Explaining why the individual mandate is unconstitutional, Attorney General Abbott said: “Our nation’s founding fathers had the wisdom to limit the federal government’s authority by specifically enumerating the powers given to Congress. Today, the federal government is attempting an unconstitutional power-grab-and relying upon Congress’ authority to regulate Commerce to justify their unprecedented overreach. If there are to be any limitations on the federal government then ‘Commerce’ cannot be twisted to cover every possible human activity under the sun, including mere human existence. The act of doing absolutely nothing does not constitute an act of commerce, and today’s legal challenge reflects the states’ attempt to preserve the individual liberties that were intended by our founders and guaranteed by the U.S. Constitution.”

The states also charge that the Act, “’…converts what had been a voluntary federal-state partnership into a compulsory top-down federal program.’ As a result, the Act effectively removes the states’ discretion and constitutes a, ‘derogation of the core constitutional principle of federalism upon which this Nation was founded...[and] exceeds the powers of the United States and violates the Tenth Amendment to the Constitution.’”

Further, the multi-state lawsuit explains that the federal healthcare law, “represents an unprecedented encroachment on the sovereignty of the states,” by imposing new federal Medicaid enrollment standards.

In Texas, for instance, according to the Texas Health & Human Services Commission (THHSC), the law will double the number of Medicaid recipients and therefore force the Texas taxpayers to spend an additional $24.3 billion on Medicaid over a 10-year period. According to THHSC, in addition to dramatic spending increases, the new law will shift substantial administrative costs to the states and therefore requires that state employees and agencies devote considerable time and resources to implementing the Act.

Along with the 20 states, individuals and organizations also joined the suit. The National Federation of Independent Business (NFIB) is one of them.

“…The fundamental mission of our organization is to promote and protect the rights of small businesses and the self-employed to own, operate and grow their business, and this healthcare law directly undermines this core value,” said Dan Danner, NFIB president and CEO. “We didn’t enter into the decision to join this lawsuit lightly – we have been representing small business owners since 1943 and we take this responsibility extremely seriously. But the outpouring of opposition to this new law was overwhelming and our members urged us to do everything in our power to stop this unconstitutional law.”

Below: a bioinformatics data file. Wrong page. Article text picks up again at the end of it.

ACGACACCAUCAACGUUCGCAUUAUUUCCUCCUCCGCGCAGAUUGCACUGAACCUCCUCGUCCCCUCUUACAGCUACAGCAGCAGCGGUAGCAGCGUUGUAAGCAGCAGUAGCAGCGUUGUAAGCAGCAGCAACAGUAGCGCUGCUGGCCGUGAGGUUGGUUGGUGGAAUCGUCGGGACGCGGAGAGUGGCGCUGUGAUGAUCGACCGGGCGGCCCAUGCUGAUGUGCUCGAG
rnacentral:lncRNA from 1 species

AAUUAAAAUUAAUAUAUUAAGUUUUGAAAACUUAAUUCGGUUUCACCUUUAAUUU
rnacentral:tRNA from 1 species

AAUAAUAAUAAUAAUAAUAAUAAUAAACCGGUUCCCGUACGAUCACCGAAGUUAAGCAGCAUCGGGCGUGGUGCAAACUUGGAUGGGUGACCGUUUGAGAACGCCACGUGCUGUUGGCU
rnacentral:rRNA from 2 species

By June 15, House Republicans offered a proposal that would have repealed the individual mandate portion of the law. It was voted down.

“The federal government shouldn’t be in the business of forcing you to buy health insurance and taxing you if you don’t. Twenty states and the nation’s leading small business organization agree that this ‘individual mandate’ is unconstitutional, and they’re fighting to overturn it,” said House Republican Leader John Boehner (R-OH) after the proposal failed.

Two days later—June 17—the Justice Department filed a motion to dismiss the aforementioned lawsuit.

“…Most astounding is the Justice Department’s latest argument that the healthcare law is constitutional because the individual mandate penalty at issue here is a tax,” explained Karen Harned, executive director of NFIB Legal Center.

“In the buildup to passing his healthcare bill, President Obama stated bluntly that the individual mandate ‘is absolutely not a tax increase.’ But in their court document filed today, the government brazenly seeks to hide behind a 200-year-old law – the so-called ‘Anti-Injunction Act’ – that prevents courts from determining the constitutionality of taxes,” Harned continued. “This is an about face from what is laid out in the law.”

While all of this plays out in the courts, Healthcare Reform is now the law of the land with a number of requirements imposed this year (see Ready or Not Insurance.

“Small business owners everywhere are rightfully concerned that the unconstitutional new mandates, countless rules and new taxes in the healthcare law will devastate their business and their ability to create jobs,” Danner said.

“They are also concerned about their personal freedoms. This law is the first time the federal government has required individuals to purchase something simply because they are alive. If Congress can regulate this type of inactivity, then there are essentially no limits to what they can mandate individuals to do.